The Good Food Guide is back, scoring, awarding hats and supporting an industry in flux

After a two-year hiatus, The Good Food Guide is back with its hats and scores in a new format with reviewers fanning out across NSW and Victoria, awarding hats and hearts to 600 restaurants.

For the first time in its 40-year history, the Guide will award one, two or three hats to deserving restaurants, along with a new category of ranking – a heart, which denotes this is a place reviewers would cross town for because it provides an experience that adds something special to the dining scene.

nearly 60 Guide Reviewers in two states head out into a hospitality industry trying to balance intense demand for seats with a chronic lack of staff that leaves restaurants unable to operate at full capacity.

Thomas Pash, CEO of Hunter St. Hospitality and Pacific Concepts, led an overseas recruitment drive seeking staff for the...

Thomas Pash, CEO of Hunter St. Hospitality and Pacific Concepts, led an overseas recruitment drive seeking staff for the group’s restaurants Photo: Louie Douvis



“If ever we needed a Good FoodGuide with teeth (one with scores and hats), it’s now,” says Terry Durack, the chief reviewer for The Sydney Morning Herald.

“It’s a rollercoaster out there at the moment as some great new restaurants open and bookings are strong. But if you peek behind the kitchen door – which is also part of the job for a reviewer – then you realize that some restaurants are still really struggling with staff shortages.

“Not enough staff means fewer opening days, shortened operating hours, and tighter, smaller menus; something the reviewing team needs to take into account; and the diner, also,” he says.

“If ever we needed a Good Food Guide with teeth (one with scores and hats), it’s now,”

The industry is responding to the shortages in increasingly innovative ways. Thomas Pash, chief executive officer of Hunter St. Hospitality and Pacific Concepts, led an overseas recruitment drive seeking staff for the group’s restaurants, which include Spice Temple and Bar Patron in Sydney.

Pash says they met hundreds of hospitality staff in six countries over three weeks, hiring 120 people. The company will pay for their airfares, visas and temporary accommodation when they arrive, as well as providing “on-going support when they land, including setting up bank accounts”.

Chef Neil Perry says he is having to rely on training “a new generation of schoolkids” to help fill 110 staff positions at his Double Bay hot-spot, Margaret.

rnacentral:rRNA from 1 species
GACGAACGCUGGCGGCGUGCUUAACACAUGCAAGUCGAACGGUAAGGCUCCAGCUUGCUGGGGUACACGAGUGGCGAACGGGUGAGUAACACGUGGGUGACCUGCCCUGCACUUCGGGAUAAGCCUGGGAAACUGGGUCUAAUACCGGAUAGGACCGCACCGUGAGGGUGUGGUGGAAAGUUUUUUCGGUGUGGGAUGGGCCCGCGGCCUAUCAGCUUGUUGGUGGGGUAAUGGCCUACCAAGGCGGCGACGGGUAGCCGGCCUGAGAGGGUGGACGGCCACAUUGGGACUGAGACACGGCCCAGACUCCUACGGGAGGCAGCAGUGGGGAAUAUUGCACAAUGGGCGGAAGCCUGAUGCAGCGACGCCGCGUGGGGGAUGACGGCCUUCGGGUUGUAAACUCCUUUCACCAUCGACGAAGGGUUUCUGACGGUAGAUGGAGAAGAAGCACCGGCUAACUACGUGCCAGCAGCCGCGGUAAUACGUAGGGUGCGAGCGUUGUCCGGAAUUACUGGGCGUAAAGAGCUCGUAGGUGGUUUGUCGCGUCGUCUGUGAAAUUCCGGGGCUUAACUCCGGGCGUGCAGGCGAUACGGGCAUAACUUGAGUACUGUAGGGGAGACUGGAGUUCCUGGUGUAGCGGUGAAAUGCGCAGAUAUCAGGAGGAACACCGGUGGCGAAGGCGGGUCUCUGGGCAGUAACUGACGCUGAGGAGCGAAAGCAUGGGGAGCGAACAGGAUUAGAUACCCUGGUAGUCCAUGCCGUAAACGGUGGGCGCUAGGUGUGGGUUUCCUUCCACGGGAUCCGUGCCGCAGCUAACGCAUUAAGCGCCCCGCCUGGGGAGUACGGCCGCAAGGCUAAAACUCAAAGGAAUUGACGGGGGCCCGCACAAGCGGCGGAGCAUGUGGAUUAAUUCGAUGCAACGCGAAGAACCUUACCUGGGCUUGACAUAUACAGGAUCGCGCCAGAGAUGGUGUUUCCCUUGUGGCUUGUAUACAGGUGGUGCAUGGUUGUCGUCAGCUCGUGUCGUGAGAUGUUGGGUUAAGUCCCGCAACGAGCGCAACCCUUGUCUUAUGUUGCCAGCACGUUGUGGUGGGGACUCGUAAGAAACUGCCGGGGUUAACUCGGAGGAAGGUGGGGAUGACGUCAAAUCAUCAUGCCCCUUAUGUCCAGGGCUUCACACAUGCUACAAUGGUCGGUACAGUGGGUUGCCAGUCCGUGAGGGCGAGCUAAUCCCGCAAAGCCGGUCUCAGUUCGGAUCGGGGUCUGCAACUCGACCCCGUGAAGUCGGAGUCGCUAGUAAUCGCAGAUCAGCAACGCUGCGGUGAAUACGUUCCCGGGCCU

“My daughter has enlisted 35 of her teenage friends,” says Perry, who has been awarded more Good FoodGuide hats in his long career than any other Australian chef.

“We are training them, teaching them life skills, professional skills and giving them a culture, such as sitting around a table together to share a beautiful staff meal, which we hope will create an environment they will want to stay part of.”

Durack says the Good FoodGuide plays a critical role in supporting the restaurant industry.

Neil Perry on the pass at Margaret.

Neil Perry on the pass at Margaret. Photo: Steven Siewert



“You don’t help a great restaurant just by telling it how great it is, or by puffing up the ego of the chef by calling him or her a genius. You help it by creating benchmarks for dining that provide context and balance, by Seeing the restaurant sector as a family and a community, and by helping diners make intelligent, savvy choices. Basically, by helping good diners find good restaurants, and vice versa.”

Callan Boys, the editor of The Sydney Morning Herald Good Food Guide 2023, says this is the most respected independent guide in Australia, which means the venues are reviewed anonymously and scored according to a transparent and rigorous rating system, and meals are always paid for in full.

“This new edition of the Guide will have a sharper focus on suburban gems in Sydney,” says Boys. “A new critics’ choice heart symbol will indicate the restaurants and eateries we love to cross town for – places that may not be awarded a hat, but still provide knock- out food and are integral to the city’s dining culture. A hole-in-the wall serving deeply delicious noodles for example, or a takeaway-only pizza joint slinging the best pepperoni slice around.”

the Guide, in a magazine format for both NSW and Victoria, will be released later this year.

Good Food’s new white-and-gold restaurant gift card is fee-free for restaurants so every dollar you spend goes directly back into the industry. Visit goodfood.gift

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